Once you’ve made your offer and you both agree to a price, the seller’s agent will write up an offer to purchase. This document typically includes an estimated closing date, which could be anywhere between 45 and 60 days from the time the offer is accepted).
8. Enter Your Contract and Secure Your Mortgage Loan
Get your lawyer to look over the offer to purchase before you do anything else. You need to be completely sure the deal is dependent upon the following:
- A home inspection that reveals no substantial defects
- You getting approved for a mortgage
- A guarantee that you can conduct a walk-through inspection 24 hours prior to closing
Once you’ve entered your contract, it’s time to secure your mortgage loan. What you’ll need to do is call your lender or mortgage broker and let them know whether you’ll want to get an adjustable rate mortgage or a fixed rate mortgage. A fixed rate loan means the interest rate is set when you borrow the loan and won’t change. However, with an adjustable mortgage, the interest rate could fluctuate.
9. Conduct an Inspection
Conducting an inspection is one step many people mistakenly overlook, but it can help you determine if any further work needs to be done on the house prior to the move-in date. A thorough home inspection should test for things like mold, mildew, cracks, loose siding, rot or decay, leaks, rust, and stains, among other things. You can negotiate the cost of an inspection, but some things – like the previously mentioned – are legitimate health concerns that shouldn’t be negotiated. Don’t be afraid to ask the inspector to take a closer look at something if you’re not too sure. You can ask pretty much any question, other than, “Should I purchase this home?” Your inspector most likely won’t answer that question and instead may suggest that you look over the inspection reports and determine what the seller will fix. Make sure that the house is inspected thoroughly, including attics, basements, and crawl spaces. If your inspection does reveal an underlying problem, let someone know right away.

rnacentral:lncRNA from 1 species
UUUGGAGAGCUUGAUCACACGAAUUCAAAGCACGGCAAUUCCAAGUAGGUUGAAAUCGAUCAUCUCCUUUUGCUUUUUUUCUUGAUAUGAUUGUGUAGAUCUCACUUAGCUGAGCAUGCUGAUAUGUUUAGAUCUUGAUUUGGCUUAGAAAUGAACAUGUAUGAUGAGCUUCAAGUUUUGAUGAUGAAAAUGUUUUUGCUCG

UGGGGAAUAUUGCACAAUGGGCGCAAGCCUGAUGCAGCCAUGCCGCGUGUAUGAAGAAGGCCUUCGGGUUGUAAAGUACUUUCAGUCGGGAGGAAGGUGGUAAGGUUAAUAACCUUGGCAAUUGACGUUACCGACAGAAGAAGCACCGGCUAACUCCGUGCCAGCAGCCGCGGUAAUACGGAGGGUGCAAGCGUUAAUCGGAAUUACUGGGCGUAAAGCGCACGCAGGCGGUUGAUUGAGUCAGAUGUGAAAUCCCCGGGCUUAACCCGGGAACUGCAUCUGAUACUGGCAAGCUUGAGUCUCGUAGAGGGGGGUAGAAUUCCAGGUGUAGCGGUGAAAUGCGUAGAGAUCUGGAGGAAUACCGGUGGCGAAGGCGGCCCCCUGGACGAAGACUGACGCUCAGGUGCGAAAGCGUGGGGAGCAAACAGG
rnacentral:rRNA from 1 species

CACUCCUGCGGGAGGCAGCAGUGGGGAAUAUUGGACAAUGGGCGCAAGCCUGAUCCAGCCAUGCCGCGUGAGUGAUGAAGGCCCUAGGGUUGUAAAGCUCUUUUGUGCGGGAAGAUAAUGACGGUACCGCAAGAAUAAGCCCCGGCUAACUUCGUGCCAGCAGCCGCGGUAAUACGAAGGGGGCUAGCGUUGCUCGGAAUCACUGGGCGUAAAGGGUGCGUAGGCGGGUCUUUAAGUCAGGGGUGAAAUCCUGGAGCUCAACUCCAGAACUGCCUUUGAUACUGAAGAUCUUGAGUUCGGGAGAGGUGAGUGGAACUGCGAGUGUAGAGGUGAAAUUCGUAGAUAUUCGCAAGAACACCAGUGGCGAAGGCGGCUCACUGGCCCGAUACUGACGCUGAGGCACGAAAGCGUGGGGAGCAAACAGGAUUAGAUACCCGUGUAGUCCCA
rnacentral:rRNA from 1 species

It’s finally time to take ownership of your new home and now that you’ve gone through all of the hurdles, it’s time to think about moving in. But before you do that, make sure you have your homeowner’s insurance policy in place. Before you decide on a policy, shop around for the best deals. Make sure you know what’s covered in the policy and how much protection you’ll get. Also, flood damage isn’t covered by homeowner’s insurance, so if you live in an area prone to flooding, you might want to consider purchasing flood insurance separately.
Prior to closing, you’ll also want to make sure you’ve saved enough for moving expenses. For example, how will you pay for furniture and other items that you might want to fill your new home with like new carpet, new appliances, and new paint.
At closing, you’ll finally sign all of the paperwork to make everything official. You’ll have to sign your name quite a few times. Make sure to read the paperwork through before signing it so you have a better understanding of it. Don’t make the mistake of getting too excited and thinking everything is kosher on the other end of the deal. There are some very dishonest people in the real estate industry – just like in any other industry. So, you have to look out for your best interests. Start by reading through the paperwork with your lawyer present. Once you’ve signed the paperwork, you’ll put your money into an escrow account and usually, you’ll get the keys to your brand new home.
Now it’s time to move into your new home and furnish it to your heart’s desire. If any repairs need to be made that the seller didn’t agree to fix, take care of that prior to moving in (especially if the issue poses a health or safety risk). For example, you wouldn’t move into a home with broken stairs or a wobbly railing. So take care of what you need to before you move in.
With the above in mind, you can set your mind at ease when it comes to purchasing or refinancing your home. Follow these steps closely and your dream of home ownership will be a reality sooner than you know.